Anxiety Depression Treatment

What is the Relationship Between Panic Attack and Menopause?

Like most other chemically dependent disorders, panic attack and menopause can tend to be closely related. A large portion of people who suffer from panic attacks tend to have some sort of chemical imbalance as the underlying cause of their attacks.

Hormone imbalances during your period or the menopause can create the environment where you are more susceptible to anxiety disorders, BUT, not everyone develops anxiety or panic attacks so other factors MUST come into play.

Panic attacks tend to feed off the turmoil within these controls, causing an imbalance that can setoff panic attacks over even the most unimportant of concerns. Management of stress, control of emotions, metabolic stability, and all of these can be affected by menopause so subsequently this can affect the frequency or occurrence of panic attacks.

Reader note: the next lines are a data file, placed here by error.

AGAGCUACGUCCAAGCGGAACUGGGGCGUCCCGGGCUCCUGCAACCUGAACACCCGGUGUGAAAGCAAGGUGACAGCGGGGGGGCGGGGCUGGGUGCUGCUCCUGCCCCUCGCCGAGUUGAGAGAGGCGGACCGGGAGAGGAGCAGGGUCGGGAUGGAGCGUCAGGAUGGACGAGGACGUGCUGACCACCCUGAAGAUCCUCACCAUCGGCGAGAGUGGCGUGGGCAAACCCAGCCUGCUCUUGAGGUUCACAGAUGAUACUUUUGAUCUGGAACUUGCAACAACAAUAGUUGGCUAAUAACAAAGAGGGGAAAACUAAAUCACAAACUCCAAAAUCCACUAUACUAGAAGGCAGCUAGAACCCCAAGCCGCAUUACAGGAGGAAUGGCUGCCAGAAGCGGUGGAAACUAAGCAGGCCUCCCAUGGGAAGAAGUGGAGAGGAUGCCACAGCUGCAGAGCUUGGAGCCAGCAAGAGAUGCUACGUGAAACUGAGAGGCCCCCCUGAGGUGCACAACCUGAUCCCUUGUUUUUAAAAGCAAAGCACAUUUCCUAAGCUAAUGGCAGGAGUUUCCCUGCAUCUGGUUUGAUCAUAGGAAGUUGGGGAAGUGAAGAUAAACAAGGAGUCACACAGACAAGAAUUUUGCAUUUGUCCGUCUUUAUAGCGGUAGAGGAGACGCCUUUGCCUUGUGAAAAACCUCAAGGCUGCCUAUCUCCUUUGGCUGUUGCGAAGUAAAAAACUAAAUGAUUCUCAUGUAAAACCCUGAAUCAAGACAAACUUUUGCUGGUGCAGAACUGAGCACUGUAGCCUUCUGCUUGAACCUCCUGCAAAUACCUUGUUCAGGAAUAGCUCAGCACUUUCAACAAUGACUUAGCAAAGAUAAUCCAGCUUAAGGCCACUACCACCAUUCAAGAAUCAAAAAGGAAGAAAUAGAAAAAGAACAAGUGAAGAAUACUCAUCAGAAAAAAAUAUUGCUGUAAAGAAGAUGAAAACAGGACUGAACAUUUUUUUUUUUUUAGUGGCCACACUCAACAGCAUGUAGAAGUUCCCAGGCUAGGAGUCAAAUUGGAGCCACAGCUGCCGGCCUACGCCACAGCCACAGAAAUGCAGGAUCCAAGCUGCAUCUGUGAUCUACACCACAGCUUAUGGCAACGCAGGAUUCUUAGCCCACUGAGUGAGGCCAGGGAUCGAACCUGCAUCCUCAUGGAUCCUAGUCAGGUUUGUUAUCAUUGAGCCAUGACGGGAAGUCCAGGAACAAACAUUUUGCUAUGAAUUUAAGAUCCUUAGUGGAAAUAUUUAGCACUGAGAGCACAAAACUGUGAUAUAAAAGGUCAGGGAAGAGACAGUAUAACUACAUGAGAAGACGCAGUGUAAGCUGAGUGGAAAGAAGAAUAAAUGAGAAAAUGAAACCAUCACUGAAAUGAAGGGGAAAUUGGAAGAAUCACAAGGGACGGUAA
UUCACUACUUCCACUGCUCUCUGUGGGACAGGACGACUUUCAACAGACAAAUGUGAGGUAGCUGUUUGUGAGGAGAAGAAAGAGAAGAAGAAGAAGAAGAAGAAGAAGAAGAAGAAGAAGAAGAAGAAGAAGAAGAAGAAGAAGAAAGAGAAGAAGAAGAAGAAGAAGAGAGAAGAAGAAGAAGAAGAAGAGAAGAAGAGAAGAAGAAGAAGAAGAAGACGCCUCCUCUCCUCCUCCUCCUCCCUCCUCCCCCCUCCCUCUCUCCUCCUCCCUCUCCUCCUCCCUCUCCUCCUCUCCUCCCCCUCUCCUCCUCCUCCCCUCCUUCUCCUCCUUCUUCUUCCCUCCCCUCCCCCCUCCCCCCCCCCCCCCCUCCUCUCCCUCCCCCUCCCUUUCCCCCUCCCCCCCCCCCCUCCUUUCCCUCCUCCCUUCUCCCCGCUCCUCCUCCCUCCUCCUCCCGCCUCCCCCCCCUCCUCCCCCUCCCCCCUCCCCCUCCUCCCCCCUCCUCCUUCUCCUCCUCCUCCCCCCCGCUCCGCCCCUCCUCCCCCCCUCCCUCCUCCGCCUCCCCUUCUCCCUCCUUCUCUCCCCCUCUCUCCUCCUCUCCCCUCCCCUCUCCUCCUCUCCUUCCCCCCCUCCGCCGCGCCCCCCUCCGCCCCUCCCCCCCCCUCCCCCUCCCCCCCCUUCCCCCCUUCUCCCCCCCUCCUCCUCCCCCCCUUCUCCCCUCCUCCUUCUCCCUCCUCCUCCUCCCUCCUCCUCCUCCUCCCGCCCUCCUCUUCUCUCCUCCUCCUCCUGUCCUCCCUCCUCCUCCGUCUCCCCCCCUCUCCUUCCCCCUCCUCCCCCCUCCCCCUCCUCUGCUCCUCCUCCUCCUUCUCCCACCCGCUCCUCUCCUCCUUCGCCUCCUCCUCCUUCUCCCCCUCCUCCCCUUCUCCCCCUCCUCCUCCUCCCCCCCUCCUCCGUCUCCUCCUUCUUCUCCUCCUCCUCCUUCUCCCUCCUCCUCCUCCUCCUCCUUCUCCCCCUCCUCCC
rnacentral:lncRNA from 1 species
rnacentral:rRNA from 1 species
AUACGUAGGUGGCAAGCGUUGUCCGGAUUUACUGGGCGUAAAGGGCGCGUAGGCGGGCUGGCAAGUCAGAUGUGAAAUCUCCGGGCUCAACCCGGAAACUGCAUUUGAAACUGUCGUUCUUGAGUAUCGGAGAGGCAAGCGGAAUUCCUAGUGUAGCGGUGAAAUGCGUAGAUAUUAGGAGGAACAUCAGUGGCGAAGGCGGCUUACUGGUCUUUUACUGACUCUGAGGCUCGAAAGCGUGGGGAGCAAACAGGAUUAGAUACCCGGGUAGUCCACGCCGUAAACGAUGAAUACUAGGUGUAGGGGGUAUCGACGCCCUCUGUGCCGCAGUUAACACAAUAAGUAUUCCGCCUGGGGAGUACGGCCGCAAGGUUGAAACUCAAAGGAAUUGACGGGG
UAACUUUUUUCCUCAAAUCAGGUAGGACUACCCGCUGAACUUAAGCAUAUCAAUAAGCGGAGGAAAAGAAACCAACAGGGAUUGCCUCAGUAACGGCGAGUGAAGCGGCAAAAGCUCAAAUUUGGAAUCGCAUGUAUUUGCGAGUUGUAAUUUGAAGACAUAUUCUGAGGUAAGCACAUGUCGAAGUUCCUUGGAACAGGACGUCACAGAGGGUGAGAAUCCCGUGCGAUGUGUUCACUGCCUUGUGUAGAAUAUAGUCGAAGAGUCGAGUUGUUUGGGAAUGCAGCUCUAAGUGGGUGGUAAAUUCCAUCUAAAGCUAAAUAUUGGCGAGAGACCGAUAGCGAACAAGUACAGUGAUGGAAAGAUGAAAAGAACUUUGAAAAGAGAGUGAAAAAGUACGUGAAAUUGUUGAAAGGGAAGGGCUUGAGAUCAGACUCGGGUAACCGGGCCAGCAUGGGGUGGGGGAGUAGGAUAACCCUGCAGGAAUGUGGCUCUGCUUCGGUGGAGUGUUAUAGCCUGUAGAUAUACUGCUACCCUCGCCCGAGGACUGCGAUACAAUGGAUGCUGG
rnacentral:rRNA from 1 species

To eliminate such panic attacks during menopause, you need not to take any medications for it. Women who experience panic attacks during menopause:

  • Breathe rapidly and shallowly
  • Hardly make use of the diaphragm in breathing
  • Breathe with the muscles of the chest, neck and shoulders

The best way for any woman who are seriously concerned about their panic attack and menopause and the risks they may have, should always seek professional advice. Women tend to be more susceptible to the effects of panic attack and are more likely to experience frequent panic attacks during their life.

Your first panic attack may make you think that all is over. Do not let panic stalk you forever. No type of medication will get you out of it. Do not get into the loop of panic where you wait for another attack to happen. Women are also at a higher risk of developing chronic panic disorder with the percentage of this risk increasing during menopause. It is extremely important that any woman experiencing frequent panic attack and menopause symptoms, especially during menopause, to seek professional help in order to head off any potential problems.

Disclaimer: This site is for educational purposes only. The information provided should not be used for diagnosing or treating a health problem or disease. If you have, or suspect you have a health problem, you should consult your health care provider.